Calgary Flames trade tree: How Curtis Glencross turned into Lindholm, Hanifin and Kylington
Photo credit:Sergei Belski-USA TODAY Sports
By Auddie James9 months ago
On Mar. 1, 2015, Calgary Flames general manager Brad Treliving made one of the most impactful trades for setting up the future of the franchise for the Flames: he just didn’t know it yet. On the eve of his first trade deadline, Treliving traded Curtis Glencross to the Washington Capitals.
It ended up being the first domino to fall in a very significant trade tree.
Without further ado, let’s break this thing down.
On the eve of what would end up being a fairly uneventful trade deadline for the recently promoted GM, the Flames traded forward Curtis Glencross to the Washington Capitals in exchange for a second round pick and a third round pick in the upcoming 2015 NHL Entry Draft. Glencross would finish his tenure as a member of the Flames with 418 games played and a total of 242 points, but we shouldn’t be remembering him for his performance on the ice, at least I won’t be.
Instead, I will remember him for being the first domino to fall in a trade tree that would result in the Flames acquiring Elias Lindholm, Noah Hanifin and Oliver Kylington.
The first branch: the Arizona Coyotes
Let’s start this with probably the smallest and easiest branch in this trade tree, which saw the Calgary Flames and Arizona Coyotes link up for a small however very impactful trade, at least for Calgary’s sake. In typical fashion, Brad Treliving completed this from his seat at the draft table in Sunrise, Florida – host of the 2015 NHL Entry Draft.
The Flames moved up in the draft by sending their own third round pick (76th overall) and Washington’s third round pick (83rd overall) to the Arizona Coyotes in exchange for Tampa Bay’s second round pick in the draft (previously acquired, 60th overall).
The Flames would then go on to use that pick to select none other than the pride of Stockholm, Oliver Kylington. With the picks acquired from Calgary, the Coyotes would select Swedish forward Jens Lööke and former AJHL netminder Adin Hill. Some might argue that this portion of the trade tree alone is worth the price of losing Glencross, however, I promise you that it only gets better from here.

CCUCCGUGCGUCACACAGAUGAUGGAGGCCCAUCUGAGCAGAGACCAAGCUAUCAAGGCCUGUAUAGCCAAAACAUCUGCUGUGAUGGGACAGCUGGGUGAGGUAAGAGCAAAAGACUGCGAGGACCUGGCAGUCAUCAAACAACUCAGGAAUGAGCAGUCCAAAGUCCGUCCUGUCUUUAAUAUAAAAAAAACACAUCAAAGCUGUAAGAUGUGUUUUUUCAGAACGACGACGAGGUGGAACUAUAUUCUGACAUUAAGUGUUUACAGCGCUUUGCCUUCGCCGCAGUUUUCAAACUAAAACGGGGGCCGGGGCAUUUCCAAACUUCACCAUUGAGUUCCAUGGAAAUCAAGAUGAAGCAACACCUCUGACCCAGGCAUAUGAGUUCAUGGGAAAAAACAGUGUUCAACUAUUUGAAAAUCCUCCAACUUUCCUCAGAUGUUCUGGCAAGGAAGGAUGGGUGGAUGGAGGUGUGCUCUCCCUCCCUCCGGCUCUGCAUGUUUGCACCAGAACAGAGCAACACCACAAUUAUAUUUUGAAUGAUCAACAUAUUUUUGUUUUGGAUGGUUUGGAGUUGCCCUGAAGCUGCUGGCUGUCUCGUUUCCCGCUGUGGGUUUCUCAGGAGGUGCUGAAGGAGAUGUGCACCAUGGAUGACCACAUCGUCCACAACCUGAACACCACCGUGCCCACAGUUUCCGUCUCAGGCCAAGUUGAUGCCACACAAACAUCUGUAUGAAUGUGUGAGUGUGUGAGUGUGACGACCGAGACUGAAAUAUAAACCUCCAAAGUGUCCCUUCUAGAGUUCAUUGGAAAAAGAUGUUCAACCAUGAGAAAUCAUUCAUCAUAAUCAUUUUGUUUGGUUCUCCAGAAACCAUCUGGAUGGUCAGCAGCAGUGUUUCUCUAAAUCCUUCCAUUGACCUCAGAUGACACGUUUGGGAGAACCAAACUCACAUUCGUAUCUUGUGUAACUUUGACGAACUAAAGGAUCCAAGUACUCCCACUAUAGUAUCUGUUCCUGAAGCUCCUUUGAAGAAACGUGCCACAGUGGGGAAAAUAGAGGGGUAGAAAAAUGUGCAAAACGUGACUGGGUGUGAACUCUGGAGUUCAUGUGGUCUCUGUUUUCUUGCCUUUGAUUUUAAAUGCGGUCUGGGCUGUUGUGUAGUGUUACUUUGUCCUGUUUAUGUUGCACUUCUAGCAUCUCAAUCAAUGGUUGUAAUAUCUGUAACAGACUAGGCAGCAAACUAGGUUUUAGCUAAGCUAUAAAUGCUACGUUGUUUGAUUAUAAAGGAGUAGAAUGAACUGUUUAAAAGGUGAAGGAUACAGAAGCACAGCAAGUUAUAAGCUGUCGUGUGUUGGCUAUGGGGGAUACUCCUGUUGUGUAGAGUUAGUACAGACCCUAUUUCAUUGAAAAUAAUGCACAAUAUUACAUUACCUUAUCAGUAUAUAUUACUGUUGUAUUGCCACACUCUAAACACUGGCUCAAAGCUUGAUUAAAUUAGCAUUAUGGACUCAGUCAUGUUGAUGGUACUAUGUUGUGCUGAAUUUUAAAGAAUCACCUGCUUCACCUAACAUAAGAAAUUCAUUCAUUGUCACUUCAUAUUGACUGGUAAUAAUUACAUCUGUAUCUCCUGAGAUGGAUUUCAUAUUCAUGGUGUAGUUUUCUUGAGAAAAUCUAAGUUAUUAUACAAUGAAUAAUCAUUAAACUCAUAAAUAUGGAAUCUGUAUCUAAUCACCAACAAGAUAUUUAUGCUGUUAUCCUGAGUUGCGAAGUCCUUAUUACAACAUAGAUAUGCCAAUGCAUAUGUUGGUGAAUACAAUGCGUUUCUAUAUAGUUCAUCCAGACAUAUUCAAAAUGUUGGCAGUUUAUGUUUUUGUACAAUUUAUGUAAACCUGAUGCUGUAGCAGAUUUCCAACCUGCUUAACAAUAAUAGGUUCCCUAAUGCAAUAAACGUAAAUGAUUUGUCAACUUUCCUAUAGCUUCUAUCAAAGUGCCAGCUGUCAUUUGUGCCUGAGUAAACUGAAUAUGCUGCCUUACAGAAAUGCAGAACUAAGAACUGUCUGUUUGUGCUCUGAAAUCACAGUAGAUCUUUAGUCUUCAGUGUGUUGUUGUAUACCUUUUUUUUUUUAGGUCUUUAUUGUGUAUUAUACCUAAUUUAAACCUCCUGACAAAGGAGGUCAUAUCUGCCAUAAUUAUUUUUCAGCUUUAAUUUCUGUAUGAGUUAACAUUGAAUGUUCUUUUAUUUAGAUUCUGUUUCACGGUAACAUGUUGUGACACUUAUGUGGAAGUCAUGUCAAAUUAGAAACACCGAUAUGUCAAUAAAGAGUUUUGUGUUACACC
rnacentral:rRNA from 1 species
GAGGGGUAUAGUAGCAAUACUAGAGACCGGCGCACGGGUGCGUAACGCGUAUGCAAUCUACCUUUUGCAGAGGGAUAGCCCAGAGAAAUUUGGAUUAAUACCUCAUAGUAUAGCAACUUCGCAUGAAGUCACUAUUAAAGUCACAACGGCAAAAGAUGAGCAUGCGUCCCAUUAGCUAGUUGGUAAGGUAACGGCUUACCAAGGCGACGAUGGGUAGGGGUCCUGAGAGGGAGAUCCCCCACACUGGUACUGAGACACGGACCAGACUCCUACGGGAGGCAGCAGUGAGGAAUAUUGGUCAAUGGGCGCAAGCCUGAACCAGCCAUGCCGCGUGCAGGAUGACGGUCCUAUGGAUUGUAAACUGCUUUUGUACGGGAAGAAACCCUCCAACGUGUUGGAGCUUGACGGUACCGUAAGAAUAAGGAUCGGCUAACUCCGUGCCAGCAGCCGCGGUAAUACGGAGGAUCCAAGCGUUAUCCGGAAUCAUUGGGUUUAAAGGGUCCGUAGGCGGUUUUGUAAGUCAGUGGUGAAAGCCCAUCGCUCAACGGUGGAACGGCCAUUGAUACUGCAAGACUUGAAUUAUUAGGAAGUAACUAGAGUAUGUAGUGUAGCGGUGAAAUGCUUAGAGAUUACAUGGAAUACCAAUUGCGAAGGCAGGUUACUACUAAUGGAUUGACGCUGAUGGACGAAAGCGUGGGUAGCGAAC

The second branch: the Boston Bruins
During that very same 2015 NHL Entry Draft in which saw the Flames work some magic in the later rounds, there was one trade that they made earlier on in the day that carried some pretty intense future implications. In a trade with the Boston Bruins, the Flames traded their own 2015 first round pick, their own 2015 second round pick, and Washington’s 2015 second round pick (previously acquired in the Glencross trade) in exchange for blueliner Dougie Hamilton.
Some Flames fans might scoff at trading the 15th overall pick, however, the Bruins didn’t do themselves any favours by using it to select Zach Senyshyn over the likes of Mat Barzal, Thomas Chabot or Kyle Connor, just to name a few. The Bruins would also use both second round picks to select Jeremy Lauzon and Jakob Forsbacka Karlsson, ultimately resulting in the Flames winning this trade on its own by a landslide.
The final branch (so far): the Carolina Hurricanes
Surely this can’t get any better for Calgary, right? The return on investment by trading Curtis Glencross has reached its peak, right?
Lets start by flashing forward a little bit since the original acquisition of Dougie Hamilton. In a trade that stunned a lot of Flames fans, on Jun. 23, 2018, Brad was able to pull off yet another blockbuster deal by sending the aforementioned Hamilton, forward Micheal Ferland, and the rights to college defenceman Adam Fox to the Carolina Hurricanes in exchange for defenceman Noah Hanifin and forward Elias Lindholm. You may have heard of them before.
Pretty wild, hey? I’ll tell you that after researching everything that went into this trade tree, I was shocked to see it unfold like this. It was a pleasant surprise, as they say. The best part? This trade tree isn’t even finished. Not that I wish for anything added to it, as long as both Lindholm and Hanifin remain members of the Calgary Flames, the roots of this tree will remain planted and its branches could still grow.
The beautiful part about trades, from a fans perspective, is the banter back and forth online amongst the fan base on whether or not the team won the deal, lost the deal, or broke even on the deal. I’m sure, however, that there is one thing that we can all unanimously agree on, and I’ll choose to close with it.
Thank you, Curtis Glencross!
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